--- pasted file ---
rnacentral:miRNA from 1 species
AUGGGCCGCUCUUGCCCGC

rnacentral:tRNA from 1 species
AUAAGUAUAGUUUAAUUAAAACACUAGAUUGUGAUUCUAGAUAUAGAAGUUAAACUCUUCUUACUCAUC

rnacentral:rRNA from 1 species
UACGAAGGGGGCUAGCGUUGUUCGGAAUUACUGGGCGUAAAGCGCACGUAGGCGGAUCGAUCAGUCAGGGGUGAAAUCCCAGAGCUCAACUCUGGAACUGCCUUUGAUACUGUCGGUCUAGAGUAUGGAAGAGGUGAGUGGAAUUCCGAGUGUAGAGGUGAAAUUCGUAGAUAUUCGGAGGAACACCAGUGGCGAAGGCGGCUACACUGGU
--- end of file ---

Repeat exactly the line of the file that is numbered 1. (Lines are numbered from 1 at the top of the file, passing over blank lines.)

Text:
rnacentral:miRNA from 1 species